In the ninth and tenth century, the first sources with decipherable (but not pitch-readable) musical notation are found. Most scholars of Gregorian chant agree that the development of music notation assisted the dissemination of chant across a thousand miles of Europe; indeed, it may have been impossible any other way, since there is no evidence of mutation across distance. Survivals of notated manuscripts, however, are few, and restricted to a few locations in Germany (Regensburg), Switzerland (St. Gall) and France (Laon, St Martial). Most of the Gregorian chant familiar today, at least that in the Mass, has changed little since this time.

The music and its performers

In most Western music since the Renaissance there are two modes: Major and minor. The Major scale is built upon the Do and the minor scale the La. The various keys that are used affect only the range of the notes, or the pitch. Essentially the scale is the same, only transposed, or moved, to a different range.

Many hear Gregorian chant and think of it as a very simplified version of modern music. While it is simple in that melody dominated harmony and rhythm, the modal system involved is quite complex, and is directly descended from the octoechos system of eight modes used by the medieval Byzantines and the Greater Perfect System of the ancient Greeks.

The Greater Perfect System was comprised of tetrachords with the interval pattern half step, whole step, whole step (e.g., B^C-D-E). Two of these tetrachords end to end produce our modern diatonic scale (B^C-D-E^F-G-A, the E being common to both tetrachords). This is the same as the white keys of the keyboard, the raw material of our C major and A natural minor scales. For modern purposes, chant can be seen as inhabiting this 8 note scale plus the B-flat.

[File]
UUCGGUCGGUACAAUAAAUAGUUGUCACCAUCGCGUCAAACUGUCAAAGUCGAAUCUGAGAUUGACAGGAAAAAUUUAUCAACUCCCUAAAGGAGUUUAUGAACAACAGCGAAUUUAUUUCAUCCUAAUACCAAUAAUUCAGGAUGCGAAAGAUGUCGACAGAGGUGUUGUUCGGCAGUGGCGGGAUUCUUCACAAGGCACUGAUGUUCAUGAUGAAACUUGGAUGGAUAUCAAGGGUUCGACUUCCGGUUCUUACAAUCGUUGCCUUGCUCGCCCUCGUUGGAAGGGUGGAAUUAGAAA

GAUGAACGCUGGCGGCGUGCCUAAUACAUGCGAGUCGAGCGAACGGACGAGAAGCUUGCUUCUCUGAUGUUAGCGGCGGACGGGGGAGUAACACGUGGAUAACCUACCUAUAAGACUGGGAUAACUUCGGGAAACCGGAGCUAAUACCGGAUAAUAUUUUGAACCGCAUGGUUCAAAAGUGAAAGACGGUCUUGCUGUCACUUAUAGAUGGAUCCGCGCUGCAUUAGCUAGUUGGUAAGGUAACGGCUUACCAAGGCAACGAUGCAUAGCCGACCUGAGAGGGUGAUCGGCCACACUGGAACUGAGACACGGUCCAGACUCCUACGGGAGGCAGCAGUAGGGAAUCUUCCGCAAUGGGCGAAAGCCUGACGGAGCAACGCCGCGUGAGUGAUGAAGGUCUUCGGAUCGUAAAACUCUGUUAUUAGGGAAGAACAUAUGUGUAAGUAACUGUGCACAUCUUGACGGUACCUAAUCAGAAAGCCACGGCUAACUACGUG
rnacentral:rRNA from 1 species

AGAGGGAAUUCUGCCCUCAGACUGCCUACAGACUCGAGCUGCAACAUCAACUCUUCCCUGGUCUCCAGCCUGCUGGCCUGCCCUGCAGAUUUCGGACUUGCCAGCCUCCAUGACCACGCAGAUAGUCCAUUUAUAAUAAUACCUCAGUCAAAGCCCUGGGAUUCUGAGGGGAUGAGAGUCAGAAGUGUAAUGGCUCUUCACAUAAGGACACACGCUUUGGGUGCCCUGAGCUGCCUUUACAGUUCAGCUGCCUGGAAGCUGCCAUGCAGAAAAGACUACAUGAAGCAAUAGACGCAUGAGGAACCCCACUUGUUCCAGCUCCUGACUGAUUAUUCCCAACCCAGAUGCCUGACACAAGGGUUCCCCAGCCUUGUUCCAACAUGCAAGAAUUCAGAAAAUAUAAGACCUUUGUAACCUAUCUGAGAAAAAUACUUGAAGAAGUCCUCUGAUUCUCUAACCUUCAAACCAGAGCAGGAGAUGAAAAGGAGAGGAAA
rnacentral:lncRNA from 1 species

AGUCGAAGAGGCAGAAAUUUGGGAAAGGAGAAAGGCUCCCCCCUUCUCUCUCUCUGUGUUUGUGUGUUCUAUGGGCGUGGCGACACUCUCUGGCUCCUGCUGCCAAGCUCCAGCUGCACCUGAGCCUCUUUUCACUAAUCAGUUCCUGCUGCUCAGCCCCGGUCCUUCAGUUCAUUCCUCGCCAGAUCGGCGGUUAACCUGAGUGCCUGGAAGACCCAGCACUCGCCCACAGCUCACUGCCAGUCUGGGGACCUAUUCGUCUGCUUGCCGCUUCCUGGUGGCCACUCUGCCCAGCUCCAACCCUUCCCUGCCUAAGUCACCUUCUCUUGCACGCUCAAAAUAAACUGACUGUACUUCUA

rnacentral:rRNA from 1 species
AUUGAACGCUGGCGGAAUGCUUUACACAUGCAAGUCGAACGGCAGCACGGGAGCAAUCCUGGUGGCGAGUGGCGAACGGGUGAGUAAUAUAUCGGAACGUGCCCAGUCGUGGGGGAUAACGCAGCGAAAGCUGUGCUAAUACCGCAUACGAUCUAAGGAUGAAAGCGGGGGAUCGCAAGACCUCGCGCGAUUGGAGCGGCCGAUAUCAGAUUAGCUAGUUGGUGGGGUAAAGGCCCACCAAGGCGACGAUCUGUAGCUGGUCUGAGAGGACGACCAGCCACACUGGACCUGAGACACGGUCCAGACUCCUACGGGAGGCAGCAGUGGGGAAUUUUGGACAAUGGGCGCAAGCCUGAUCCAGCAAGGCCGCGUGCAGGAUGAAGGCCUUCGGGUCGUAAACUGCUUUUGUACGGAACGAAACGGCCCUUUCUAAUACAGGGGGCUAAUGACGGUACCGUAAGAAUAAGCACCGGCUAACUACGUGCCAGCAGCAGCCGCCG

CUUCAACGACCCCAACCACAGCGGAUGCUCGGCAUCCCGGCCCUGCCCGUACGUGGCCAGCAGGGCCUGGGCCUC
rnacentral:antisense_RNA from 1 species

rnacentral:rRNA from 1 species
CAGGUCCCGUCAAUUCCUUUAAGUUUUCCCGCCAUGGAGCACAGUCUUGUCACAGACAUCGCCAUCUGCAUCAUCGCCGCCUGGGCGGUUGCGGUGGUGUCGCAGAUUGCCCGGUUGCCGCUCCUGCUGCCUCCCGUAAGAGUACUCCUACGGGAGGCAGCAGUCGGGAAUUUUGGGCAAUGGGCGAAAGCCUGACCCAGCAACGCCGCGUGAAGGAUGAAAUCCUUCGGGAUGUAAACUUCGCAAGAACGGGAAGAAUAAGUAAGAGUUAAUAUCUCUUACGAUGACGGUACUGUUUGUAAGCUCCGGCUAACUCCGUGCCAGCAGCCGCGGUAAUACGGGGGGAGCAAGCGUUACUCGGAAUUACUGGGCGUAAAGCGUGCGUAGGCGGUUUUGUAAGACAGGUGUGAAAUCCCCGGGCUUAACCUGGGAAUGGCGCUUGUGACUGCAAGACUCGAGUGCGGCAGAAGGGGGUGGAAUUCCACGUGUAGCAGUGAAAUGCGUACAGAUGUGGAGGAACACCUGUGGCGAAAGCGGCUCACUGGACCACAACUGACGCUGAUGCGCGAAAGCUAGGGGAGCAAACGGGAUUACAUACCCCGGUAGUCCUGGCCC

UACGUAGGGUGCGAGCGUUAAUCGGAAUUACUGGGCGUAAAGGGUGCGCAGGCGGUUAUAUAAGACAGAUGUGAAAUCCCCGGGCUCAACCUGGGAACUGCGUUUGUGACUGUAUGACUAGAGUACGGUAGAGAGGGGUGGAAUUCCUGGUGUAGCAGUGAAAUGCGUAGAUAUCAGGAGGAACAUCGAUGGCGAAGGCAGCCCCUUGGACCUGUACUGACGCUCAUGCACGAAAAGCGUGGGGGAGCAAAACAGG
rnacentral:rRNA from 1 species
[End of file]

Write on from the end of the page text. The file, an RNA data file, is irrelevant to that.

This is not the typical medieval understanding, however. They would have seen any given octave span as the result of overlapping hexachords. Our 7-note "do re mi fa sol la ti (do)" scale is an extension of the 6-note medieval hexachord "ut re mi fa sol la" that Guido of Arezzo derived from the hymn "Ut queant laxis". Hexachords could be built on C (the natural hexachord, C-D-E^F-G-A), F (the soft hexachord, using a B-flat, F-G-A^Bb-C-D), or G (the hard hexachord, using a B-natural, G-A-B^C-D-E). The B-flat was an integral part of the system of hexachords, and not an accidental. The use of any note outside of this collection (e.g. as a result of hexachords on nonstandard pitches) was described as musica ficta. Gregorian chant was seen to occupy the standard pitches of the medieval hexachord system.

The Gregorian system uses the theoretical system of 8 modes. While some pieces fall outside these modes, most obey the theory. The actual theory behind modality is quite complicated, but essentially each mode is a unique scale system, in addition to our Major and minor scales. In this manner Plainsong is much richer than the simplified bimodal modern system, but this makes some of the sounds of Gregorian Chant unusual to ears attuned to modern scalar modes.

Unlike modern music there is no beat or regular accent to Gregorian Chant. In fact the time is free, allowing the accenting of the text, which often includes sections of unequal length and importance.

The actual pitch of the Gregorian chant is not fixed, so the piece can be sung at any range, so long as the intervals are respected.

Chant is commonly written on a staff similar to the modern 5-line-4-space staff, but the Gregorian staff has 4 lines and 3 spaces. The notes, called neumes, are somewhat similar to modern notes, but often do not include stems and can be stacked, not to create harmonic chords, but to indicate the sequence.